Wednesday, July 29, 2009

Thoughts on a rainy day

What are the essential, the absolutely essential features of the Anglican position? When it is proposed to make Anglicanism the basis of a Church of Reconciliation, it is above all things necessary to determine what Anglicanism pure and simply is. The word brings up before the eyes of some a flutter of surplices, a vision of village spires and cathedral towers, a somewhat stiff and stately company of deans, prebendaries, and choristers, and that is about all. But we are greatly mistaken if we imagine that the Anglican principle has no substantial existence apart from the accessories. Indeed, it is only when we have stripped Anglicanism of the picturesque costume which English life has thrown around it, that we can fairly study its anatomy, or understand its possibilities of power and adaptation....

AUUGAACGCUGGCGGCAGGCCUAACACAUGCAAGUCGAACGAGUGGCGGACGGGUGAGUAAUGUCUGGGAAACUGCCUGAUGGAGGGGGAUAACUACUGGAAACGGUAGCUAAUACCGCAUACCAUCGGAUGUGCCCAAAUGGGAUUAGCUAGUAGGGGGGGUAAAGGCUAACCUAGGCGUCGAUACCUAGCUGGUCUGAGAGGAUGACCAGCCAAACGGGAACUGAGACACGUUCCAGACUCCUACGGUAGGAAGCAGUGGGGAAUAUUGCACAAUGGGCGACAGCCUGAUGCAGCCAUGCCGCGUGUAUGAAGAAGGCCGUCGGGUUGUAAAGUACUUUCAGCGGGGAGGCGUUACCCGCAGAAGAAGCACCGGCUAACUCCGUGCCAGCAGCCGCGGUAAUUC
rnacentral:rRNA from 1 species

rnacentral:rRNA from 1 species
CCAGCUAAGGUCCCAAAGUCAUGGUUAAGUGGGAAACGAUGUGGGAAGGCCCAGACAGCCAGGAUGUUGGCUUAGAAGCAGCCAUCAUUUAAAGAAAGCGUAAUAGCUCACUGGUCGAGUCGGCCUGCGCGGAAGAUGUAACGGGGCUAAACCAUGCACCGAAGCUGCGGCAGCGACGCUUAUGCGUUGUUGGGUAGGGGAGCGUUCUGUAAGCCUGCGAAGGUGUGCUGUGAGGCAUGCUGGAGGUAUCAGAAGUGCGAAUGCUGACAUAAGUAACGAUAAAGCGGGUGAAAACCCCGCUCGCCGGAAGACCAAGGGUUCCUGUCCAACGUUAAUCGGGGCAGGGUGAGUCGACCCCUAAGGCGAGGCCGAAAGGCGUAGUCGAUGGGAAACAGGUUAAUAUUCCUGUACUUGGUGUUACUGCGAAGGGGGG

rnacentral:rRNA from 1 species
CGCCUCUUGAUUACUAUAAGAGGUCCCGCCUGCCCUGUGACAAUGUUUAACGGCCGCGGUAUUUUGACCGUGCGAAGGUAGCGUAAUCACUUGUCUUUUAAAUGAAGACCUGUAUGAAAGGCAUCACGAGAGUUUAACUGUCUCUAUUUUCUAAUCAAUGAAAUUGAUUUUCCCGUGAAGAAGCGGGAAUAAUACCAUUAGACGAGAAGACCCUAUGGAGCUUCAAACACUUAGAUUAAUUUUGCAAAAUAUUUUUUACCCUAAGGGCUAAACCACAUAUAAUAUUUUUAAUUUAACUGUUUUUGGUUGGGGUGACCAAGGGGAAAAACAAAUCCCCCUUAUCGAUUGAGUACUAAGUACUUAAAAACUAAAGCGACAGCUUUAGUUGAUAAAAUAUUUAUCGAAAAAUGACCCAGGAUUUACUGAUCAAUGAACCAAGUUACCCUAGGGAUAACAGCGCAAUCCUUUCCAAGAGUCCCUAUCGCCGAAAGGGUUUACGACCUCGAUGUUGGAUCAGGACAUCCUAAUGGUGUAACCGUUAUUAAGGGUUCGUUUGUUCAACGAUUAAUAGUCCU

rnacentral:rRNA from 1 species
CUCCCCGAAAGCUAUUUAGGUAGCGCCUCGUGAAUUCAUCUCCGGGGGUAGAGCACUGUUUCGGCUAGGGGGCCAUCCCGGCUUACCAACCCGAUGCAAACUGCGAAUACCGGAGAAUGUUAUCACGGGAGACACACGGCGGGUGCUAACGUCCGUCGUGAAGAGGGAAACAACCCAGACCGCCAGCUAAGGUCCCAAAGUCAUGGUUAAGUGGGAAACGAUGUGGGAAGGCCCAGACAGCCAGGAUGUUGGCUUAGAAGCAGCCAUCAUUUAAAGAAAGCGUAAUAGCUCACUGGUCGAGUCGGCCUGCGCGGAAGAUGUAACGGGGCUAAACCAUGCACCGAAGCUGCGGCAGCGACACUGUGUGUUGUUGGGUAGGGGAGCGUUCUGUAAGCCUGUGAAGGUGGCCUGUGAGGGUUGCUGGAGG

If our whole ambition as Anglicans in America be to continue a small, but eminently respectable body of Christians, and to offer a refuge to people of refinement and sensibility, who are shocked by the irreverences they are apt to encounter elsewhere; in a word, if we care to be only a countercheck and not a force in society; then let us say as much in plain terms, and frankly renounce any and all claim to catholicity. We have only, in such a case to wrap the robe of our dignity about us, and walk quietly along in a seclusion no one will take much trouble to disturb. Thus may we be a church in name, a sect in deed.

But if we aim at something nobler than this. If we would have our Communion become national in very truth--in other words, if we would bring the Church of Christ into the closest possible sympathy with the throbbing, sorrowing, sinning, repenting, aspiring heart of this great people--then let us press our reasonable claims to be the reconciler of a divided household, not in a spirit of arrogance (which ill befits those whose best possessions have come to them by inheritance), but with affectionate earnestness and intelligent zeal...

...I've pondered these words as something that might have been said at the recent General Convention, but in truth they are words penned more than a century ago by William Reed Huntington, whose commemoration we observed on July 27th.

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